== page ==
Posts Tagged ‘soft

13
Jun
20

To Callous, or Not to Callous

My guitarsBlogosphere, meet my guitars. The Martin Dreadnought acoustic is the one on the left and the Fender American Stratocaster (with double humbucker pickup) is the one on the right.

Guitars, meet the blogosphere.

I love these instruments and miss them fiercely whenever Joan and I travel.

Lately I have found that coming up here in the evening and playing them is a great tonic for my soul.

I have been playing for a few years now, but don’t really consider myself a guitarist. I’m just a guy who fools around on the guitar now and then. In case you are curious, there are two foolproof ways you can tell that that I am not a real guitarist:

  • First, I have not named my guitars.
  • Second, I only have two of them.

(It suddenly occurs to me there is a third, foolproof way to verify my “non-guitarist” status: listen to me play.)

Most of the time, I play in order to calm and entertain myself. Sometimes I sit down and try to learn a new song to add to my repertoire. Sometimes I just come to work on simple scales and finger exercises.

Since I am no longer taking weekly lessons or playing in a jam band or the church’s praise band, there is not a regular, external motivation to keep at it.

No motivation, that is, except for the maintenance of my callouses.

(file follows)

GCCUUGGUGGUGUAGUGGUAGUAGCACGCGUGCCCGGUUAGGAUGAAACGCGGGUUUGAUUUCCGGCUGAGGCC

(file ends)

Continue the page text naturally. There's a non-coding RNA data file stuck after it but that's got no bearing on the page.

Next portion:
Anyone who plays guitar with regularity will attest to the importance of healthy callouses on the fingertips of the fretting hand. Callouses are the toughened areas of skin that keep the steel wires of the guitar string from cutting into you and making you bleed all over the lovely woodwork. If you don’t play with some level of frequency, your callouses will get soft. Playing will become painful.

In that sense, you could say that playing the guitar is the exact opposite of engaging in the disciplines of the Christian spiritual life.

In the world of the guitar, the discipline and regularity of practice helps BUILD UP and harden your fingertips. It prevents your playing and practice from being painful.

The aim of the spiritual disciplines, on the other hand, is to SOFTEN us… to make us more OPEN and VULNERABLiE to the world around us… to EXPOSE us to the “still, small voice” of God that Elijah heard, or to make us more susceptible to the pain and heartbreak of a neighbor who isn’t necessarily part of our “tribe.”

The goal, in other words, of all the Christian study and prayer and fasting and worship we do should be to heighten our compassion (from the Latin, com passio, “to feel with.”).

When Jesus blessed the “poor in spirit” (Matthew 5:3) during his Sermon on the Mount, he was talking about exactly these people: the people for whom the callouses around their hearts have worn away and softened.

The culture instructs us to “toughen up” and blast our way through the pain and tragedy and heartbreak of the world around us. “Take charge!” is the battle cry. “Grow thick callouses!”

But a mere two verses later (in Matt. 5:5) Jesus tells us who will REALLY inherit the earth.

Maybe we should listen to him!

08
Jun
20

A Cracked Shell